I just finished another of my Christmas books, Hillbilly Elegy by J.D. Vance. This was basically the author’s memoir of growing up, in Ohio, as the grandson of Kentucky hill folk who’d moved there looking for a better life, and his struggles with poverty and family dysfunction before his own escape up the socioeconomic ladder. The book has a bit of celebrity status right now, as various blue-state types try to figure out what’s going on in the Appalachian and Rust Belt hinterlands, and what went wrong in the last election…
The first thing I’ll say is the good news: this book is a fast and interesting read, and the author is personable, and engaging if occasionally prone to humble-bragging, and he writes well. Parts of the story reminded me of my own family history, and the class anxieties that come with upward mobility over generations, while other parts were an unsparing look into the darker aspects of his own subculture.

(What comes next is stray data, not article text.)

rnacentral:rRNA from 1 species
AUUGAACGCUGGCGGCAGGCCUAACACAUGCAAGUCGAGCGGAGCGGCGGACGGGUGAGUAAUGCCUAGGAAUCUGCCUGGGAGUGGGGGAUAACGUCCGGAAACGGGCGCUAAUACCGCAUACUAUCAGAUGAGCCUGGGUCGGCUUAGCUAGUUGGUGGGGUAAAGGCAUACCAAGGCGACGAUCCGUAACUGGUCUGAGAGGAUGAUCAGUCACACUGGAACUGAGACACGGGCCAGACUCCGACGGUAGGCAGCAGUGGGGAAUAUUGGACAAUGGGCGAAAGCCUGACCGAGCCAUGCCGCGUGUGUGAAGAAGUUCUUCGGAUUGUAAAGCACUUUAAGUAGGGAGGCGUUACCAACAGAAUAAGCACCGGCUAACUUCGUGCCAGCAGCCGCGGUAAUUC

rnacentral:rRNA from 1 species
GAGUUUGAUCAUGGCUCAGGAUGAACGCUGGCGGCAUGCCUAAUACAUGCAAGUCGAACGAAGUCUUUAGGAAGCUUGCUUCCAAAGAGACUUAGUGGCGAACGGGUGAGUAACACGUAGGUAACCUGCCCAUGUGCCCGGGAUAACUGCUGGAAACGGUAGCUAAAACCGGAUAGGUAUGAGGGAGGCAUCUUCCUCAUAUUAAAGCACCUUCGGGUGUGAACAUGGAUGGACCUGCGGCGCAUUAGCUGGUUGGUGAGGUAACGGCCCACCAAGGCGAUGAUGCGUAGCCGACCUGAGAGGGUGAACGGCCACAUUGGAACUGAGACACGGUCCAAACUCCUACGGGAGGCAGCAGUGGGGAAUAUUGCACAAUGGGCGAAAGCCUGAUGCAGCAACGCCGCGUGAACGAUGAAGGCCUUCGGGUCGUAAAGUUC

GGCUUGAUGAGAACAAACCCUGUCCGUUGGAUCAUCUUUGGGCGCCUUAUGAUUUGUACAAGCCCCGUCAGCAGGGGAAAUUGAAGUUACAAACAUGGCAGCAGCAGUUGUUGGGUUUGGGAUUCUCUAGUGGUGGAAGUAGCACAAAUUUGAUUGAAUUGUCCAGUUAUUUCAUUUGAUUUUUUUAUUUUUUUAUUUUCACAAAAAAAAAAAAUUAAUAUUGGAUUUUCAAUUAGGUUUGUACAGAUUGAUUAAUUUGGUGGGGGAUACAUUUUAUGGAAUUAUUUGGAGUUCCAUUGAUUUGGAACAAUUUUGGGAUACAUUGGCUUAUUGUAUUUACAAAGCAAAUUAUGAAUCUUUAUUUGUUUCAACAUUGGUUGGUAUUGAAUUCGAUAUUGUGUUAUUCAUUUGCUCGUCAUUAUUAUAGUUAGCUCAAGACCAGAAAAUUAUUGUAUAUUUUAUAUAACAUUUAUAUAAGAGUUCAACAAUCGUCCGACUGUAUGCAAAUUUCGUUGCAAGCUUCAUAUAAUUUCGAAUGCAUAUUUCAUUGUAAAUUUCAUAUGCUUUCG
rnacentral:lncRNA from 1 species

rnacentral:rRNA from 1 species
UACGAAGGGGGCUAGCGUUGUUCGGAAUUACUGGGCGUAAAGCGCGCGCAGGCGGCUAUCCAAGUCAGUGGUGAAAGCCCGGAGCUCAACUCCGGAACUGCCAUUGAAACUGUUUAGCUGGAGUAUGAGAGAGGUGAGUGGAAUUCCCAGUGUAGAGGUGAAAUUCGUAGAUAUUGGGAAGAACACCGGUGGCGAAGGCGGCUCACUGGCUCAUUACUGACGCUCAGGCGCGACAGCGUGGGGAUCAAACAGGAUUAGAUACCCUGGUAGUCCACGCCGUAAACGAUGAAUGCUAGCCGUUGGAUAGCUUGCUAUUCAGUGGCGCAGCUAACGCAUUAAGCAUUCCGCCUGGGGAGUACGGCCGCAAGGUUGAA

But the bad news is, he never seems to get to the heart of the problems among the Hillbilly Diaspora. He sometimes resorts to church-and-family bromides, and other times seems to warn against the debilitating effects of welfare, but it’s mostly like he’s dancing around a garden variety conservatism. He never really came to any solid conclusion.
I finished the book feeling a bit let down.